Sanele Mdanda is the Project Co-ordinator for Bosch. Her professional background is in Project Co-ordination and Project Management. She also has experience in the following research areas: HIV/AIDS, TB, implementation science, evaluation research, health systems, bio-behavioural, adolescents, antenatal and paediatric, as well as victim and gender empowerment and advocacy work within the southern African context. She has a Master’s in Research Psychology from the University of Witwatersrand.
Lesley holds a Bachelor’s Degree in Accounting and he has completed his SAICA articles. Lesley is a highly motivated, productive, team player with strong interpersonal and organisational skills. He has 12-years' experience in different financial roles, asset management, risk management and internal auditing, external auditing business consultancy and procurement. During his training as an Accounting/Audit Clerk, he learnt compliance law, procedures, and policies and how to analyse financial statements and management accounts. He enjoys meeting new people, taking part in outdoor activities and taking the time to help those around him.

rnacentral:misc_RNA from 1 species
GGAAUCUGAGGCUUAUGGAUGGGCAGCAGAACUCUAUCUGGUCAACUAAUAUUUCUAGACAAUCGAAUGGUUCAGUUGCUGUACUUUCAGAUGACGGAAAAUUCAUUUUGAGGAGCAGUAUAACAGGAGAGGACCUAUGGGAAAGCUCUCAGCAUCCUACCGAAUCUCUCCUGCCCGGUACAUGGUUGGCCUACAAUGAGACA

Khombomoni is a Project Coordinator of a Global Change Institute (GCI) led Future Ecosystems for Africa (FEFA) Program. He holds a Master of Science (MSc) degree focusing on Indigenous Knowledge Systems (IKS) and Environmental Legislation from Wits University. Khombomoni previously worked for the World Bank Group, United Nations Environment Programme (UNEP) and the National Department of Forestry, Fisheries, and the Environment (DFFE). He has extensive experience in coordinating and managing more than five (5) projects in South Africa and Lesotho.
Dr Jessica Steinkopf